**Q: The percent impedance of a transformer is also the voltage drop of the transformer at full load. What is the voltage drop of a transformer at various other load levels, i.e. 25%, 50%, 75% or in excess of 100%. Is it linear or non-linear?**

A: A useful approximation is that the full-load voltage drop through a transformer is essentially the percent impedance of the transformer. A further approximation is that the drop at other load levels is directly proportional to the load – in other words, it is linear.

It should be recognized that the percent impedance of a two-winding transformer is often determined by short-circuiting one winding of the transformer and raising he voltage on the other winding until the rated load current flows through the transformer. Thus, the voltage drop during the impedance test is actually the drop for a load having a power factor as determined by the X/R ratio of the particular transformer. For load with a power factor significantly different from that existing during the impedance test it will be more accurate to determine (from transformer test reports) the resistive (R) and inductive (X) components of the transformer impedance. Then the voltage drop can be calculated for whatever power factor may be of interest. There can be relatively large differences in the results if the load – such as locked-rotor current of a motor-- has a particularly low power factor.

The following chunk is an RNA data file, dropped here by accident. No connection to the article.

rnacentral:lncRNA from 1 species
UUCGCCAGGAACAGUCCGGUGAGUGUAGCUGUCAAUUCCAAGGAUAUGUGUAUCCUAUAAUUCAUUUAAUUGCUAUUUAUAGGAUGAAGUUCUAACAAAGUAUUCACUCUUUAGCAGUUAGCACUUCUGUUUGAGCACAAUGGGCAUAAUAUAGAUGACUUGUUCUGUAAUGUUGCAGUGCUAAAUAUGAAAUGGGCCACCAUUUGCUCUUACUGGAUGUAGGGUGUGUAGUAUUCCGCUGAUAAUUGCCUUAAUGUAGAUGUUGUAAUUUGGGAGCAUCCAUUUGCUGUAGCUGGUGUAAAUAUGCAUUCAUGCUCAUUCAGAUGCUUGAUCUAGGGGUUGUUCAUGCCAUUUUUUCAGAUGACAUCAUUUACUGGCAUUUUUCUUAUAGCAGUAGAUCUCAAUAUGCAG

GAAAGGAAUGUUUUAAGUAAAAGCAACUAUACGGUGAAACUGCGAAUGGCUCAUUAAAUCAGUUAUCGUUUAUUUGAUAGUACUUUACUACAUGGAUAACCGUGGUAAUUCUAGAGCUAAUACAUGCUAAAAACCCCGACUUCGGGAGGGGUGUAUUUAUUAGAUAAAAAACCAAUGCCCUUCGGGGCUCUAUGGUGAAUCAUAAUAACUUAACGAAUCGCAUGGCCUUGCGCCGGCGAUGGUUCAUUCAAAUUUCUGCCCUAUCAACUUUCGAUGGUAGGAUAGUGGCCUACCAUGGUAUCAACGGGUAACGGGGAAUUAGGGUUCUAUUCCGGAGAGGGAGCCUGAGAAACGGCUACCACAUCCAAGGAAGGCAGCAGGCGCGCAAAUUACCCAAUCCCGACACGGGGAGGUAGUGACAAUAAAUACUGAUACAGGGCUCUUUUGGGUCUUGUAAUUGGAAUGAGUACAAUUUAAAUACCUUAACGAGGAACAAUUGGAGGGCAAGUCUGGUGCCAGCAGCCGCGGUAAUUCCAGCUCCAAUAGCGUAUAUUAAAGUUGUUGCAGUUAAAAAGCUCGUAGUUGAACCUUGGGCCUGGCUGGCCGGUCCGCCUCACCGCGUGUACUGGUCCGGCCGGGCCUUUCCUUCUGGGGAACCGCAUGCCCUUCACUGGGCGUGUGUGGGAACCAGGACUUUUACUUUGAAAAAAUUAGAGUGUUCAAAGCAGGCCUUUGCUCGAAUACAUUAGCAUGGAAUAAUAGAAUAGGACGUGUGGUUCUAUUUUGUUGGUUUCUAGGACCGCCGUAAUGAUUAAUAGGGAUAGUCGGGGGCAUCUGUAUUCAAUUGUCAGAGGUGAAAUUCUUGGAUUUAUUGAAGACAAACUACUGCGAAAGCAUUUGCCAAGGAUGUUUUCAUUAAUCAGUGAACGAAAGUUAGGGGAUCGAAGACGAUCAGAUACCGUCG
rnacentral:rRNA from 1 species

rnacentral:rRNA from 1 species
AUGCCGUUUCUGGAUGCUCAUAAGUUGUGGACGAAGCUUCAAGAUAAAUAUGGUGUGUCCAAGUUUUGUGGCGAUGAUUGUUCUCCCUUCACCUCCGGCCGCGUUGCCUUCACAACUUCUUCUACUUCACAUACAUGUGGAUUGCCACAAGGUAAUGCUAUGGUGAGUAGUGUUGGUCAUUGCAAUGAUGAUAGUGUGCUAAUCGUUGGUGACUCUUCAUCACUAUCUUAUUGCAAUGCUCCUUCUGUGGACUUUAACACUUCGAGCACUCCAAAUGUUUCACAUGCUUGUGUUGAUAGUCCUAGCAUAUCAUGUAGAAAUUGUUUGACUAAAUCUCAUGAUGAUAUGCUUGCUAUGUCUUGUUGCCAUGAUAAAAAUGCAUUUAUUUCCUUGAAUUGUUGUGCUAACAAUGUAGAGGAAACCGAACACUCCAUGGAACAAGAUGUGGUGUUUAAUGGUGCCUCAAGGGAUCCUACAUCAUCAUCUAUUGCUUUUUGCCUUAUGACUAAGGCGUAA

The *Westinghouse Distribution System Reference Book*, 1959, page 218, gives a thorough explanation of how to calculate voltage drop for any power factor using the data available on the typical transformer test report.

*Edward S. Thomas, PE
Utility Electrical Consultants, PC*